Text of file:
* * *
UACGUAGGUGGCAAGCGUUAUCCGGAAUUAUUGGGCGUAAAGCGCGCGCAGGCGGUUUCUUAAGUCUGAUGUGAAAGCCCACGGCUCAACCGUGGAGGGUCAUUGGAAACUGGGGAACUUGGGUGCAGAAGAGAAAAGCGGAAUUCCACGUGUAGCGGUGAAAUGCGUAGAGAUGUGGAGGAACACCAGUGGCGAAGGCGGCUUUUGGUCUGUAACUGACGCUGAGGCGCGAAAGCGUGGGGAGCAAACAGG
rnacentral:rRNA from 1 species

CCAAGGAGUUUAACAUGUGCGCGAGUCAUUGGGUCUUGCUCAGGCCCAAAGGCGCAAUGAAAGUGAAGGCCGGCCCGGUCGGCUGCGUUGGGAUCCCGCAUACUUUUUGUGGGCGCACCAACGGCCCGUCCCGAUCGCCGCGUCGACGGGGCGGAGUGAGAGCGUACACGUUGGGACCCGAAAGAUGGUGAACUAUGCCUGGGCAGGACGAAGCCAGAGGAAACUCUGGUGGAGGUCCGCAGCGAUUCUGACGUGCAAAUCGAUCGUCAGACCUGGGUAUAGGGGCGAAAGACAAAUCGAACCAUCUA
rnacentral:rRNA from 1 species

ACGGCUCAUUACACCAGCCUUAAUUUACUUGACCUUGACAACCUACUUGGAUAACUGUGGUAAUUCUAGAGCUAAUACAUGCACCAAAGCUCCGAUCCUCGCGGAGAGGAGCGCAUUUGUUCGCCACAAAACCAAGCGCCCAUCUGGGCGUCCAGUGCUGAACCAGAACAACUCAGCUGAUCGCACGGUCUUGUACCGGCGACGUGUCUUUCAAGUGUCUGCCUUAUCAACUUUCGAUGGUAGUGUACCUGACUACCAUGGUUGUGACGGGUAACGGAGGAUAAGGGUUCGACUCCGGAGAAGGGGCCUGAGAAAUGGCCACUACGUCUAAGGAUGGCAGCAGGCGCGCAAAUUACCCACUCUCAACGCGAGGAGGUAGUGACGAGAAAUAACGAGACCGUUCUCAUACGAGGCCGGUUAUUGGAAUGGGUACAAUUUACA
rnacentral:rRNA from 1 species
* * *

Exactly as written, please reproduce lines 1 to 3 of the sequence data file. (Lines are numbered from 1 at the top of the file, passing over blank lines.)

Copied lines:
UACGUAGGUGGCAAGCGUUAUCCGGAAUUAUUGGGCGUAAAGCGCGCGCAGGCGGUUUCUUAAGUCUGAUGUGAAAGCCCACGGCUCAACCGUGGAGGGUCAUUGGAAACUGGGGAACUUGGGUGCAGAAGAGAAAAGCGGAAUUCCACGUGUAGCGGUGAAAUGCGUAGAGAUGUGGAGGAACACCAGUGGCGAAGGCGGCUUUUGGUCUGUAACUGACGCUGAGGCGCGAAAGCGUGGGGAGCAAACAGG
rnacentral:rRNA from 1 species

CCAAGGAGUUUAACAUGUGCGCGAGUCAUUGGGUCUUGCUCAGGCCCAAAGGCGCAAUGAAAGUGAAGGCCGGCCCGGUCGGCUGCGUUGGGAUCCCGCAUACUUUUUGUGGGCGCACCAACGGCCCGUCCCGAUCGCCGCGUCGACGGGGCGGAGUGAGAGCGUACACGUUGGGACCCGAAAGAUGGUGAACUAUGCCUGGGCAGGACGAAGCCAGAGGAAACUCUGGUGGAGGUCCGCAGCGAUUCUGACGUGCAAAUCGAUCGUCAGACCUGGGUAUAGGGGCGAAAGACAAAUCGAACCAUCUA